Within our Platform organization we are believers in building a strong product management function, and we’ve hired some exceptional PMs along the way who’ve helped to set our strategy and execute on that vision. We realized we needed to take the same product mindset with technology migrations. What this means in practice:
- Accountability: Each migration is owned by a PM. He/she is responsible for the success of the migration and follows up on its progress. Yes, that’s right — we have product managers specifically focused on driving migrations, along with the more typical work of helping to drive the success of their product area.
- Test first: We alpha and beta test with small groups before we go for primetime (and add an item to the migrations map). While this may seem unnecessary, in order to maintain trust with our customers, it’s important that they feel like the time and effort they spend on migrations won’t be wasted due to a faulty or half-baked product. We don’t always get it right — that’s the nature of software. But by containing the blast radius and iterating on internal services or tools before we set them free to our customers, we’ve been able to release higher quality internal products, which ultimately enables productivity and faster migrations across our ecosystem.
- Train: We work with our internal Tech Learning function to develop any needed training programs (say, for example, if we’re migrating from one coding language or another or to a different service framework). While we don’t do this for every migration, we tend to provide this training for technologies that are newer to our knowledge base. This makes migrations feel less scary to engineers who have worked on the legacy systems or tools for years.
- Lead with value: From the get-go we work with PMMs, our internal product marketing managers, on making sure we’re communicating the benefits of a migration from a productivity, cost, and scalability perspective. As an infrastructure and developer tooling team, it’s easy to assume that everyone has as much context about why a particular version of a language or tool is better than another. This is simply not true. By putting in extra effort to explain why a certain technology is worth investing the time to adopt — not only to engineers but also engineering managers and senior leadership — getting tech health-related activities on everyone’s sprints becomes that much easier.
- KYC (Know your customers): PMs know their customers and different customers segments. Instead of a one-size-fits-all approach, PMs drive targeted plans to help teams wherever they are.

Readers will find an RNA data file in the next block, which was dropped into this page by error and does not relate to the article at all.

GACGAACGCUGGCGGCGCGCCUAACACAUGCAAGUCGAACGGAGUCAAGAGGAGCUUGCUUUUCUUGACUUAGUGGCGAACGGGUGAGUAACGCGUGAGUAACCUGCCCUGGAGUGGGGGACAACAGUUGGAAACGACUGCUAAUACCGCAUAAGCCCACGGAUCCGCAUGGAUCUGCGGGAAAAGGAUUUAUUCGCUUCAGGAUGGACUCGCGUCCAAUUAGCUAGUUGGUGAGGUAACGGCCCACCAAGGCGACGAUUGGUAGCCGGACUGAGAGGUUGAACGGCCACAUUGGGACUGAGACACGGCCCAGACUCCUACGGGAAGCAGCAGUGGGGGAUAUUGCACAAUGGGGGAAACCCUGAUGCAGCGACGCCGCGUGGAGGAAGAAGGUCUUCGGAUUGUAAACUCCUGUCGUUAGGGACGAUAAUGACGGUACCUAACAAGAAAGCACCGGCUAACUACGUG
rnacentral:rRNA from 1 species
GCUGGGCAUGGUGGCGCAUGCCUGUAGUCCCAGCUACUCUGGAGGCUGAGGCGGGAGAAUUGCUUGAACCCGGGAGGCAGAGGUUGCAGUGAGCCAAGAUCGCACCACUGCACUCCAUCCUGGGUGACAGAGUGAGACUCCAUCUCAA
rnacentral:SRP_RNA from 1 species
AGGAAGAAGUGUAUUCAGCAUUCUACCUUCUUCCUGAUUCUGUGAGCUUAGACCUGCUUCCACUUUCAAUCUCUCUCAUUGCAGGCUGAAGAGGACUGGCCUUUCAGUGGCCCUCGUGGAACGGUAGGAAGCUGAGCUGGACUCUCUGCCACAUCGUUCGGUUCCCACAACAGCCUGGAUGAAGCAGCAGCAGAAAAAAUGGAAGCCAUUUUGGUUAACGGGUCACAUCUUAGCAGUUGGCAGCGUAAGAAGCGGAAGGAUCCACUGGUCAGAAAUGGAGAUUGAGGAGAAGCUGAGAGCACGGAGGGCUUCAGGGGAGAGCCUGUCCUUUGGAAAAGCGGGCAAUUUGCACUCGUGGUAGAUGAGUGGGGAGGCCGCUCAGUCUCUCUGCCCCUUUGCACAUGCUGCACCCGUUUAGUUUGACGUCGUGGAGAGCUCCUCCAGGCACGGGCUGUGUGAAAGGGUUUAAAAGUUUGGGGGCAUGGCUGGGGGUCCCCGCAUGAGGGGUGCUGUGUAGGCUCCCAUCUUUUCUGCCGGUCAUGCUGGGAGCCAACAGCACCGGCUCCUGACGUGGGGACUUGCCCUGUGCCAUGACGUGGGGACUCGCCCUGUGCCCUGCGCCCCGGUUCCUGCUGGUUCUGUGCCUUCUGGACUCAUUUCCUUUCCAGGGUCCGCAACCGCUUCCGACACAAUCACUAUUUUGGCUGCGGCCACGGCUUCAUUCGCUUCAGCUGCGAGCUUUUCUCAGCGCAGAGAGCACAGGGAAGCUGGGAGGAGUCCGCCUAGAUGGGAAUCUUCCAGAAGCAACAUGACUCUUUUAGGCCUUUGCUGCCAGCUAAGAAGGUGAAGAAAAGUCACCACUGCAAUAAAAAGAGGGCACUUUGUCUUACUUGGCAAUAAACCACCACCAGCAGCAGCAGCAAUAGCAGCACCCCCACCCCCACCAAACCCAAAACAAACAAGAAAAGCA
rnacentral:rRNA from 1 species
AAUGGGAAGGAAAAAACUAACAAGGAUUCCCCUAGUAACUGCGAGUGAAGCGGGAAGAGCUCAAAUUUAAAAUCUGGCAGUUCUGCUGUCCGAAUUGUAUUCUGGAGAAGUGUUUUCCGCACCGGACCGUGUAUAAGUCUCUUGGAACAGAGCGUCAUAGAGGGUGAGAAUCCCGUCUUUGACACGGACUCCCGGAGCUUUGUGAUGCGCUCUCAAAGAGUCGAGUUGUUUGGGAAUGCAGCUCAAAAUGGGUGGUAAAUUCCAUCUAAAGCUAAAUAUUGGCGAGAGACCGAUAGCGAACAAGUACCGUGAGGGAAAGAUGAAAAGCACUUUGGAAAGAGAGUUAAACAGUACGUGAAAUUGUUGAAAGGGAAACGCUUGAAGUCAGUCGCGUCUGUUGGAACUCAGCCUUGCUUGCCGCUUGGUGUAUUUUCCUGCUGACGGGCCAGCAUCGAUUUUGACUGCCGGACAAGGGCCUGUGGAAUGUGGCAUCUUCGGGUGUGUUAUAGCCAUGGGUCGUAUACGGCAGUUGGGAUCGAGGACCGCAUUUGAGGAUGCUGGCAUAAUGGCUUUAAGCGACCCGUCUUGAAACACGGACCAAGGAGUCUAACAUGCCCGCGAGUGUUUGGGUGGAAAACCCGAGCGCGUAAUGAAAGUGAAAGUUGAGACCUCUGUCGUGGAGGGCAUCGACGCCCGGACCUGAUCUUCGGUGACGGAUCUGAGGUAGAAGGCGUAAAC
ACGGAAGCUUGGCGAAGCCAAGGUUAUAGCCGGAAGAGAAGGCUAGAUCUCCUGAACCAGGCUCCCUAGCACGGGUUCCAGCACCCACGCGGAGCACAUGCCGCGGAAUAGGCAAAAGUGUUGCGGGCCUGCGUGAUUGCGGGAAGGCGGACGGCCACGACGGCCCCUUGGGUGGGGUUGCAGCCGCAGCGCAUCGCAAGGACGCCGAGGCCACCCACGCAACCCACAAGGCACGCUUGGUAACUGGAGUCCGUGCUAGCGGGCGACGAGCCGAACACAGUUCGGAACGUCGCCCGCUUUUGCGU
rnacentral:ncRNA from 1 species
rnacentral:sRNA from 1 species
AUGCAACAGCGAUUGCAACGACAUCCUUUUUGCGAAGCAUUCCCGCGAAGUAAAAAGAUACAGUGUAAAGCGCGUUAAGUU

- Gamify: In Backstage we have a plugin called Tech Insights, which allows engineers to see the progress of migrations. We break these down by tribes and squads, so teams can easily see where they’re at compared to everyone else. Below is a snapshot of a single tribe at Spotify with respect to current migrations:
Lastly, and perhaps most importantly, we drive the migration until it’s 100% complete, as doing so means we can drive down the overall fragmentation in our techscape. Getting there might mean we need to give special attention to the long tail — working hands-on with the last remaining teams to get everyone over the finish line. This can get really tedious, but we believe it’s well worth the effort in the long run.
3. Automate, automate, and move up the stack!
The last part of our strategy is all about automation. Our goal is to automate as much as we can to make migrations from one tech stack to another a seamless experience. Sometimes we’re able to do this without teams needing to know that an underlying infrastructure component (for example, Puppet version) is changing across the fleet. Where we can’t make the experience fully seamless we send automated PRs for teams to review and merge.
Our goal is to remove the need to expose our engineering teams to 99% of migrations. We aim to do this by providing more tools in our platform that are higher up the stack, where underlying infrastructure components aren’t directly exposed to our customers.
This has been a long journey and we’ve learned a lot along the way. We hope our failures and learnings will inspire you to remove some long standing tech debt. May you migrate in peace!